- 2001 - The Inward Eye - Transcendence in Contemporary Art, Contemporary Arts Museum Houston, Houston, TX
- 2001 - Great Britain - The 1960s, Joseph Rickards Gallery, New York, NY
- 2002 - Whisper - Sammelausstellung zum elfjahrigen Jubilaum, Galerie Aurel Scheibler, Berlin
- 2002 - Bridget Riley, Robert Sandelson, London (England)
- 2002 - Bridget Riley - Selected Prints, Marlborough Fine Art (London) Ltd, London (England)
- 2002 - Bridget Riley - New Works, Galerie Michael Sturm, Stuttgart
- 2002 - Bridget Riley - New Work, Museum Haus Esters, Krefeld
- 2002 - Bridget Riley - New Work, Museum Kaiser Wilhelm, Krefeld
- 2003 - Bridget Riley - New Painting, Prints and Studies, Green On Red Gallery, Dublin
- 2003 - Bridget Riley, Tate Britain, London (England)
- 2003 - Bridget Riley, Galerie Beyeler, Basel
- 2003 - Bridget Riley, Marlborough Fine Art (London) Ltd, London (England)
- 2004 - Bridget Riley, Museum of Contemporary Art Sydney, Sydney, NSW
- 2004 - Bridget Riley - Bilder und Gouachen 1981-2004, Galerie Aurel Scheibler, Berlin
- 2004 - Art and the 60s - This was Tomorrow, Tate Britain, London (England)
- 2004 - Bridget Riley - A Print Retrospective 1962 - 2003, Contemporary Art Center Vilnius (CAC), Vilnius
- 2004 - Beyond Geometry - Experiments in Form 1940s-70s, Los Angeles County Museum of Art - LACMA, Los Angeles, CA
- 2005 - Bridget Riley, Galerie Schlegl - Nicole Schlegl, Zurich
- 2005 - Bridget Riley - Paintings and Works on Paper, 1963-2005, Cranbrook Art Museum, Bloomfield Hills, MI
- 2005 - Prague Biennale 2, Prague Biennale, Prague
- 2005 - Bridget Riley - A Print Retrospective 1962 - 2003, City Art Museum Ljubljana - Mestna Galerija 2, Ljubljana
- 2005 - Bridget Riley - A Print Retrospective 1962 - 2003, MMSU Museum of Modern and Contemporary Art, Rijeka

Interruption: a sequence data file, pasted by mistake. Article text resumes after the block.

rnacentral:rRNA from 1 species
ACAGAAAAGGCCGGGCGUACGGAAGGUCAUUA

- 2005 - Bridget Riley: Paintings and Preparatory Work 1961-2004, Wellington City Gallery, Wellington
- 2005 - Bridget Riley, New Art Centre, Salisbury (England)
- 2006 - Eye on Europe - Prints, Books & Multiples, 1960 to Now, MoMA - Museum of Modern Art, New York, NY
- 2006 - Bridget Riley, Marlborough Fine Art (London) Ltd, London (England)
- Movement in Squares - 1961, Tempera on Hardboard
- Horizontal Vibration - 1961, Tempera on Hardboard
- Britannia - 1961, emuslion on cardboard
- Kiss - 1961, Acrylic on Linen
- Black to White Discs - 1961-1962
- Blaze 1 - 1962, Emulsion on Hardboard
- Fall - 1963, Emulsion on Hardboard
- Loss - 1964
- Blaze 4 - 1964, Serigraph
- Descending - 1965, Emulsion on Hardboard
- Arrest 1 - 1965, Emulsion on Canvas
- Breathe - 1966, Emulsion on Canvas
- Cataract 3 - 1967, PVA on Canvas
- Orient 4 - 1970, Acrylic on Canvas
- Study '74 Colour/Space Sequence - 1974, Gouache on paper
- Composition with Circles - 1998, Silkscreen
- Going Along - 1999, Oil on linen
- Reve - 1999, Oil on linen
- Sylvan - 2000, Silkscreen
- Carnival - 2000, Silkscreen
- Bridget Riley - Tate (August 13, 2003)
- "For me Nature is not landscape, but the dynamism of visual forces - an event rather than an appearance - these forces can only be tackled by treating color and form as ultimate identities, freeing them from all descriptive or functional roles."
- "The eye can travel over the surface in a way parallel to the way it moves over nature. It should feel caressed and soothed, experience frictions and ruptures, glide and drift. One moment, there will be nothing to look at and the next second the canvas seems to refill, to be crowded with visual events."
- "As a painter today you have to work without that essential platform. But if one does not deceive oneself and accepts this lack of certainty, other things may come into play."
- "I work with nature, although in completely new terms."
- "In general, my paintings are multifocal. You can't call it unfocused space, but not being fixed to a single focus is very much of our time. "
- "As the artist picks his way along, rejecting and accepting as he goes, certain patterns of enquiry emerge."